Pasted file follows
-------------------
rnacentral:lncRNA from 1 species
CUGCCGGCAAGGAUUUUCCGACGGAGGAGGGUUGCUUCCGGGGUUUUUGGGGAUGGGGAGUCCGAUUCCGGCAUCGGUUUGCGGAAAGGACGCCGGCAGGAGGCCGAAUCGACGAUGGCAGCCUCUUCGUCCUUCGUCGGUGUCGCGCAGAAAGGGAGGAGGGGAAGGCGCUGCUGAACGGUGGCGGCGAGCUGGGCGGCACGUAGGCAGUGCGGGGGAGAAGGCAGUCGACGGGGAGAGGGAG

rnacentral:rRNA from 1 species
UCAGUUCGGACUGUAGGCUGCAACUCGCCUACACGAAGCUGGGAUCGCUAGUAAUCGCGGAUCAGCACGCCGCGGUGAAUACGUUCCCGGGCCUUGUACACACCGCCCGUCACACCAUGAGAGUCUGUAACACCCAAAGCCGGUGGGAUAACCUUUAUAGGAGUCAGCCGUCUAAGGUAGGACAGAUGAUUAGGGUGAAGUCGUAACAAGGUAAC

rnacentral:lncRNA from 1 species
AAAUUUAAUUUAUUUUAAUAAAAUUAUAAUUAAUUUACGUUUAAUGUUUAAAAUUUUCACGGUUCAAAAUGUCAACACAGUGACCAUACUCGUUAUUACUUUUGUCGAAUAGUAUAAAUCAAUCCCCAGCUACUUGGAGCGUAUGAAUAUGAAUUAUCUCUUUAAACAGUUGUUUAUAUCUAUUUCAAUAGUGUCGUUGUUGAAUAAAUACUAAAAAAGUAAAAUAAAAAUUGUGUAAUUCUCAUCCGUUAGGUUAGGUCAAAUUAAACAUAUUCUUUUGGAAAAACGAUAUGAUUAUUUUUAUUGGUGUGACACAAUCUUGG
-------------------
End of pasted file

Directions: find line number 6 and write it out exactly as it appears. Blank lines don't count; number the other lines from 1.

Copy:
AAAUUUAAUUUAUUUUAAUAAAAUUAUAAUUAAUUUACGUUUAAUGUUUAAAAUUUUCACGGUUCAAAAUGUCAACACAGUGACCAUACUCGUUAUUACUUUUGUCGAAUAGUAUAAAUCAAUCCCCAGCUACUUGGAGCGUAUGAAUAUGAAUUAUCUCUUUAAACAGUUGUUUAUAUCUAUUUCAAUAGUGUCGUUGUUGAAUAAAUACUAAAAAAGUAAAAUAAAAAUUGUGUAAUUCUCAUCCGUUAGGUUAGGUCAAAUUAAACAUAUUCUUUUGGAAAAACGAUAUGAUUAUUUUUAUUGGUGUGACACAAUCUUGG